For example if you were to take a 100 watt lightbulb. Since very little light escapes the house, we'll make the assumption that all the electricity used by the bulb ends up as heat added to the house (more on this assumption later) To convert watts to BTU/hour you multiple times 3.43 and since we leave the light on for 1 hour, we generated 343 BTUs. Say your AC unit is a 10000 BTU unit (meaning it's rated to cool 10000 BTUs/hour) with an energy efficiency rating (EER) of 8.3 which means your A/C unit uses 1200 watts. For now lets assume with the light bulb on your ac unit is running constantly and maintains a stable 75 degree temperature. 343 BTUs of the 10000 it is cooling are due to the light bulb so 3.4% of the work it is doing is cooling the light bulb. 3.43% of 1200 watts is 41.16 watts for a combined total of bulb and a/c of 141 watts. So with the parameters we chose for the air conditioner, you are paying an extra 41% on top of the amount of power you pay for the light bulb directly.

So if you left that light on 10 hours per day for 100 days in the summer, how much would it cost if you pay $.20 per kilowatt hour? $28.32!

The same calculations are applicable to computers where basically all the electricity is converted to heat. This can be very important when designing datacenters, server rooms and offices, where computers can be on all the time, and the air conditioning becomes a huge factor in the cost. Monitors, TVs, DVD players, all convert most of their power used to heat. Some gets converted to light or sound, but this is still energy that gets converted back to heat when it impacts your walls!

Did I get my math right? Don't agree with my assumptions? Post a comment!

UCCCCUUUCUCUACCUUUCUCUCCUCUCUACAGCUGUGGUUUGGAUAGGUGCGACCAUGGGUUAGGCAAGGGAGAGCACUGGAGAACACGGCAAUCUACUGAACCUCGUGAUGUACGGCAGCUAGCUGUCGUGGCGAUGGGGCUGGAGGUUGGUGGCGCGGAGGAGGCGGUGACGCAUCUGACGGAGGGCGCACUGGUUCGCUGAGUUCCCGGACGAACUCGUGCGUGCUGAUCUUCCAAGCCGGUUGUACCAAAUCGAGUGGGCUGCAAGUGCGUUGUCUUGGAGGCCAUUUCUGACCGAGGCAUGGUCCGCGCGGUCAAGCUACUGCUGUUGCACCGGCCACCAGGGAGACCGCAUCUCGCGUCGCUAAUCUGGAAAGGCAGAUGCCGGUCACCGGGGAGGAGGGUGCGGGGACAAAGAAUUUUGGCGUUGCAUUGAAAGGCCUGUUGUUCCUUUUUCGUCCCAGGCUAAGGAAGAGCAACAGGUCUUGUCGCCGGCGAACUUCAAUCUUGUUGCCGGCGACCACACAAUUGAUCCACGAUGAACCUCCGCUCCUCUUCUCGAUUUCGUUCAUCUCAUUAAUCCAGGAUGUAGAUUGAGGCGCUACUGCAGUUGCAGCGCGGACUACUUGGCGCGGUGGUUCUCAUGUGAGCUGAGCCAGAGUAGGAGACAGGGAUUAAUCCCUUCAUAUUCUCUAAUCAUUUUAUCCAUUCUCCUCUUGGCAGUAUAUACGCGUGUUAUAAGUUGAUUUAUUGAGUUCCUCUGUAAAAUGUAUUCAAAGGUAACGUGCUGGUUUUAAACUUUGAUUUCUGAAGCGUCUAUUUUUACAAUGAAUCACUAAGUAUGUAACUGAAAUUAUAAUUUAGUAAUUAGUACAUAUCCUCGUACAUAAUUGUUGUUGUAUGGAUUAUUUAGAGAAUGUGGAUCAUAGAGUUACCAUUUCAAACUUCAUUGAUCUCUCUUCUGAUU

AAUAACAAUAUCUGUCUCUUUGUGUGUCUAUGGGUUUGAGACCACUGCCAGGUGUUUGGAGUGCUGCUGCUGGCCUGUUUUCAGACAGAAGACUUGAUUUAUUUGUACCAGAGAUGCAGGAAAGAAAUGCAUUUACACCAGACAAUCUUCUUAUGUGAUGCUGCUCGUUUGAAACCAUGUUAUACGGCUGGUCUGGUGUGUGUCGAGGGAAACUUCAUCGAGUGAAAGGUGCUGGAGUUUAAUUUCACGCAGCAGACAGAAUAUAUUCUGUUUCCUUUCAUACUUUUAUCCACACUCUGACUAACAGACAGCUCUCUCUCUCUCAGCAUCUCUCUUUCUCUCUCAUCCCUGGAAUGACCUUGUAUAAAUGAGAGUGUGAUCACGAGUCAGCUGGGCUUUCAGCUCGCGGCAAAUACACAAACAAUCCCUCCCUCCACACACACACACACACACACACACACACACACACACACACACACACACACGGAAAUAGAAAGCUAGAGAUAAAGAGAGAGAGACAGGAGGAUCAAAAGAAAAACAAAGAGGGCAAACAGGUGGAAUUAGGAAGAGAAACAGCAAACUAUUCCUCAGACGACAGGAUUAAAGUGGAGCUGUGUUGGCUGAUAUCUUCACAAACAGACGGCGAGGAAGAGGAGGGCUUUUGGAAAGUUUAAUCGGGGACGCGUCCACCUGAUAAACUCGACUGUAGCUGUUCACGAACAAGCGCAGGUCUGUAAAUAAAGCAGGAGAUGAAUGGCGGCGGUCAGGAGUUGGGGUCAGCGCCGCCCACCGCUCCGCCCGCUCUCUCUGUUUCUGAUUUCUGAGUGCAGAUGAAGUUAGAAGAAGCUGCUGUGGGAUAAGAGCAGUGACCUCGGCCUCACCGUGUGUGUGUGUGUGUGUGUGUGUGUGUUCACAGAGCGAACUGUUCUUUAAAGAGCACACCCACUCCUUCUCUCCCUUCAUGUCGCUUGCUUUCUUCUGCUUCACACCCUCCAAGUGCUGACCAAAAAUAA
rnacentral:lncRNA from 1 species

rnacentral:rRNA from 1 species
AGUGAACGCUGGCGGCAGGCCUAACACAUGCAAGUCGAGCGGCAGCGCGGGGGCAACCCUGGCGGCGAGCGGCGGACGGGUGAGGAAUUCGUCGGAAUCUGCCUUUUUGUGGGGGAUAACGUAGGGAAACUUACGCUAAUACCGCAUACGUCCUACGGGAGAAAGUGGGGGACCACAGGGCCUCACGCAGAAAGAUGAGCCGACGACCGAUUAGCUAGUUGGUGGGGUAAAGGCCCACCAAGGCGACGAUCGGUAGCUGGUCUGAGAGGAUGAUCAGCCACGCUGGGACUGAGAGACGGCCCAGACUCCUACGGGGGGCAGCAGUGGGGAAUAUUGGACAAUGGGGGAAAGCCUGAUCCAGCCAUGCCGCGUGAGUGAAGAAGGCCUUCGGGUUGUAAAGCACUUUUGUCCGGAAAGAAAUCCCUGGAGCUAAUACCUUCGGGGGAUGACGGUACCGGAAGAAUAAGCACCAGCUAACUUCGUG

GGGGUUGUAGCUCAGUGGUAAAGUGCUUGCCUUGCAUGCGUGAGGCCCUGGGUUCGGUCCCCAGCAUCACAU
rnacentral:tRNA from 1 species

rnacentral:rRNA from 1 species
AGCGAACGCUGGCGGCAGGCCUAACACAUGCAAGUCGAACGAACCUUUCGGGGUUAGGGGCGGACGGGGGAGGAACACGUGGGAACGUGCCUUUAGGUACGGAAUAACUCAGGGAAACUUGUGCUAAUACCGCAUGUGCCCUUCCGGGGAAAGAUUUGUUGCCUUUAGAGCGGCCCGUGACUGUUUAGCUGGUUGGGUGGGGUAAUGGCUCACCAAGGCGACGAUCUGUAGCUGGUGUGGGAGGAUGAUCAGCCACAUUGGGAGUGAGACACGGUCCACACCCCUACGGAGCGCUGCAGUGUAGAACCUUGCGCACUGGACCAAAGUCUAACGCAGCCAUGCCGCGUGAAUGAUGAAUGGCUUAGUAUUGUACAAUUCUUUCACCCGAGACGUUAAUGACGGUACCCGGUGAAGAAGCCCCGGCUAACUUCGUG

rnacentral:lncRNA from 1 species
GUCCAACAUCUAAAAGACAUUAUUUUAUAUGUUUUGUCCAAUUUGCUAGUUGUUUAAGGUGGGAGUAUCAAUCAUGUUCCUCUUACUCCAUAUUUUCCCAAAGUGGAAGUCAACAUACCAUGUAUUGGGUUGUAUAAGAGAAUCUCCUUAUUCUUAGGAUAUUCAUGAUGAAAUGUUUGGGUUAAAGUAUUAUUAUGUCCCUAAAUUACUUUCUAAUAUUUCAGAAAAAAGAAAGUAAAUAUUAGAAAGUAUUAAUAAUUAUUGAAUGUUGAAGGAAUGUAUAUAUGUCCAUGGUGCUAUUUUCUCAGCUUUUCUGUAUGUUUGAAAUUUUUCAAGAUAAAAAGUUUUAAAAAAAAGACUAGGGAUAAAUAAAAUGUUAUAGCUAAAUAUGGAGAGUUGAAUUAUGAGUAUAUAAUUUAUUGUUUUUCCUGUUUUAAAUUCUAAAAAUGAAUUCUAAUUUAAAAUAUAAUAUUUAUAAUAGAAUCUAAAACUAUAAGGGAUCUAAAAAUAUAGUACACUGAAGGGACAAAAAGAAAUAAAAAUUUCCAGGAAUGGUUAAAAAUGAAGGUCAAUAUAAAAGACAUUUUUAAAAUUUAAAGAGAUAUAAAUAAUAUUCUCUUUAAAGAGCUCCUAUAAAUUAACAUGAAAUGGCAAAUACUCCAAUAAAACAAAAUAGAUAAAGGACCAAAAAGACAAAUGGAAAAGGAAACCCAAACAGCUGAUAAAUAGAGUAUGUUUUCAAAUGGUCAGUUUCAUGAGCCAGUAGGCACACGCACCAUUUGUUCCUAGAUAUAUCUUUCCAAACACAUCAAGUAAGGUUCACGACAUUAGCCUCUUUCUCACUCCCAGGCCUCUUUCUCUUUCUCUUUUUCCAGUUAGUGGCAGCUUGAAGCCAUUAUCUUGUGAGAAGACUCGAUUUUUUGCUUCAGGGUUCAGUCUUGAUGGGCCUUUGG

Friday, January 19, 2007


Lighting measurements are fairly straight forward. Most lightbulbs have a wattage rating on them, and typically they use around that amount of electricity. So I won't be measuring a lot of lighting and posting them here. However, I'd like to point out that one of the quickest and easiest ways to save energy around the house is to replace your incandescent bulbs with fluorescents. Granted they cost more up front but most places they pay back from between 6 months to 1.5 years which is way faster than just about anything else "environmental" (other than just using less). Also keep in mind that they can't be used with dimmers. But you can get the same light output (yes they do make really high brightness bulbs) at less than 1/5th the energy usage.

There is another hidden advantage to fluorescents, that saves money, they put out less heat.

According to this article over at cnet, 22 percent of the electricity consumed in the US goes towards lighting. They also note that incandescent bulbs are about 5% efficient (ie 95% of the electrricity gets used gets turned in to heat, with only 5% becoming light), so I believe the dept of energy number is actually bigger, given that many people use air conditioning in the summer, they are having to cool their lighting.

Other TV related measurements

Roku Photobridge HD1000 network media player photo viewer 15-16 16-17 (idle at menu) booting 15 slideshow 17

Scientific Atlanta 8300 hd dvr cable box off 21 watts idle 22-23 peak measured (starting up) 31
Scientific Atlanta 8000HD Explorer (HD DVR cable box) off 29 watts on 30 watts (idle, playing, recording all were 30 watts)

Note that cable boxes and media adapters, are also usually "always on".
DVR cable boxes, because of the 30 minute buffer that lets you go back in time, are always on, even if they aren't recording anything.

Networking gear

A lot of networking gear gets left on permanently and people don't remember that they are paying for that.


Cable Modem 3 watts (Motorola Surfboard SB4200 -- Provided by Time Warner)
Router 5 watts (Netgear FVX538 -- vpn router dual wan)
Switch 5 watts (Netgear GS608 8 port gigabit ethernet switch -- measured with 1 link, 4 watts with no links)